Bookworm Burrow

Book reviews on over 125 different books from several different genres. Use the search or categories to see more.

Red Sky at Morning by Richard Bradford August 1, 2007

Filed under: Book Reviews,Books,Fiction,Historical Fiction,Juvenile — Julie @ 1:05 am

redskyatmorning.jpgRed Sky at Morning by Richard Bradford

Genre: World War II Fiction

Publication Date: 1968

Recommended Age Group: 16 years and older boys and some girls

Summary: In this classic coming-of-age novel Josh Arnold learns about love, loss, and responsibility when his Dad goes off to fight in WWII and leaves him with his Mother in New Mexico. The story starts in Mobile, AL where Josh’s Dad Francis Arnold runs a Navy shipyard. Francis feels the need to go fight and moves the family to their summer home in the mountain city of Sagrado, New Mexico where they will be safe. While in Sagrado Josh finds himself in a different society than his is used to and he struggles to learn their way of life. He makes friends and enemies quickly. He gets chased by Chango holding a knife and The Cloyd sisters holding up their skirts all in the same week. Josh also learns to deal with his mother’s racism and his mother’s depression because of his father’s long absence.
In the end Josh and his Mother have both learned some important lessons about the strength they each posses. Josh becomes an anchor for his mother and friends. After a mine killed his father he joined the Navy to follow in his footsteps and to do his duty. Mrs. Arnold learned that hired help can be more than that and came to treat them as friends rather than servants. She also learned how to stand on her own feet and that she doesn’t have to be in Mobile to be surrounded by good people and have a good time.

Personal Notes: As I mentioned in the summary Mrs. Arnold had some racial problems throughout the book and some people have cited these as a reason not to read it. I think it puts it into perspective a little and makes her change more drastic at the end. She does have some low points and some of her comments made me uncomfortable but it reminded me of talking to my grandmother who at times said things that are no longer politically correct but were not frowned upon when she was younger.
I think this book would be best for boys because it is written from a boy’s point of view and is more geared toward them. I certainly enjoyed it but not in the same way that I like reading a Meg Cabot novel. It’s a different kind of read. However, it is a very well-written and engaging book.

 

Anne Frank and Me by Cherie Bennet and Jeff Gottesfeld July 21, 2007

Filed under: Book Reviews,Books,Fiction,Historical Fiction,Juvenile — Julie @ 7:33 am

anne-frank-and-me.jpgAnne Frank and Me by Cherie Bennet and Jeff Gottesfeld

Genre: Historical Fiction

Publication Date: 2001 published adaptation of a play Anne Frank and Me from 1997

Recommended Age Group: 14 and Up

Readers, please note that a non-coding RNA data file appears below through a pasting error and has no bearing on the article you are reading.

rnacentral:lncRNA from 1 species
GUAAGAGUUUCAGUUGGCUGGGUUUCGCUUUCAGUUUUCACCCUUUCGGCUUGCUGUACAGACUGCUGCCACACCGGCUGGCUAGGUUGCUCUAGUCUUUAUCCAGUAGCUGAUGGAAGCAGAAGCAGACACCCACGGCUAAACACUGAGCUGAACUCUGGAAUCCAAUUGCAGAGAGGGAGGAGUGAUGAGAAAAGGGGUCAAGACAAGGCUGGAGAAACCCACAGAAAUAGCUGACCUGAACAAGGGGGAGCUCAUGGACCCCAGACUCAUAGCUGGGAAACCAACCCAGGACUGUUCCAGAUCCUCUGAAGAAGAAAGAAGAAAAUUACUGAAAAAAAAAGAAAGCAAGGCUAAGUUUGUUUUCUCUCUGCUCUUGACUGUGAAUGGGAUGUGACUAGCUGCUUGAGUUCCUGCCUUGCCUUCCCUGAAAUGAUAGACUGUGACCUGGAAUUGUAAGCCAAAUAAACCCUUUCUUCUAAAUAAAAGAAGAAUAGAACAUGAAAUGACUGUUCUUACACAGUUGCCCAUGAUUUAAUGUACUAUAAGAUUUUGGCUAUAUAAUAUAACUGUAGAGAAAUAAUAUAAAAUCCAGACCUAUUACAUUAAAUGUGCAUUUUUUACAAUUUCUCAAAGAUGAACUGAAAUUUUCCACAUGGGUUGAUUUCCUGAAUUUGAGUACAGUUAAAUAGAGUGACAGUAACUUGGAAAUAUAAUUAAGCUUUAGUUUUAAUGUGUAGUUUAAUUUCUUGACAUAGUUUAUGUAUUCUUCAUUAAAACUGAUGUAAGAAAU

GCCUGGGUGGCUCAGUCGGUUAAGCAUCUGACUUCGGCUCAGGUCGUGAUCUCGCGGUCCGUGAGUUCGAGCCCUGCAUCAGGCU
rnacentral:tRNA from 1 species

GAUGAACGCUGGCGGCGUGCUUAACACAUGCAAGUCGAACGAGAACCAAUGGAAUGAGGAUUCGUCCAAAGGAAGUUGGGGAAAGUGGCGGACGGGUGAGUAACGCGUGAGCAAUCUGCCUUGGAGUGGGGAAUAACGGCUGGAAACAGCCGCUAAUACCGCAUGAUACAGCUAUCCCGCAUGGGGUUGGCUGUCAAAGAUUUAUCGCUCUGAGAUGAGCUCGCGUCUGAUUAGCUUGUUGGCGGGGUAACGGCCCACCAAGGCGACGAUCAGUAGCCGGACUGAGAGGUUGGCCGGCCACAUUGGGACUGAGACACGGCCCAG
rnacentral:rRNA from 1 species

Summary: A modern twist on the Anne Frank story. Anne Frank and Me is a wonderful story about a girl named Nicole who goes back in time to experience what it was like to be in occupied France during World War II. As the book starts out Nicole is not really concerned with anything but herself and the boy she likes, Jack. They have a guest speaker in class who talks to them about the Holocaust but Nicole pretty much tunes her out and is paying attention to nothing but Jack. The next day they go to the Anne Frank museum and while they are at the museum there is a big riot and in the pandemonium Nicole bumps her head. When she wakes up she is in Paris in 1942 and she is Jewish. She then goes on to live her life as a Jew, when she went back in time she took the place of a young Jewish girl who was exactly like her, with her friends and even the same sister. As the book progresses she begins to think that her life in America in the future was just a dream and she has belonged here her entire life. It goes on to tell us about her life as a Jew and the things she had to deal with. In the end she is on a train to a concentration camp which is where she encounters Anne Frank and they have a little talk about her diary and her life. They also talk about their future and how they will end up. At the concentration camp Nicole gets gassed with a bunch of other Jews and then she wakes up back at the Anne Frank museum in the middle of the riots. This experience changed her life and the way she thinks about things like the Holocaust.

Personal Notes: I really liked this book. Think more Meg Cabot and less historical required reading. It was a fast and good read, I just couldn’t put it down, and eating was a chore because my husband and I don’t read at the table. So I had to eat my dinner quickly so I could get back to the book. I think this would be a great book for anyone. It was very modern in its style and kept my attention. It dealt with very difficult issues but it did not treat them lightly which might be expected of a book with such a modern style. An interesting twist, Nicole, instead of writing in a journal makes entries on her website and keeps it updated. This also might create interest in the reader because it is something that even if we haven’t done we can relate to. Overall it was a very good book and has the potential to create interest in the Holocaust where interest might not be before.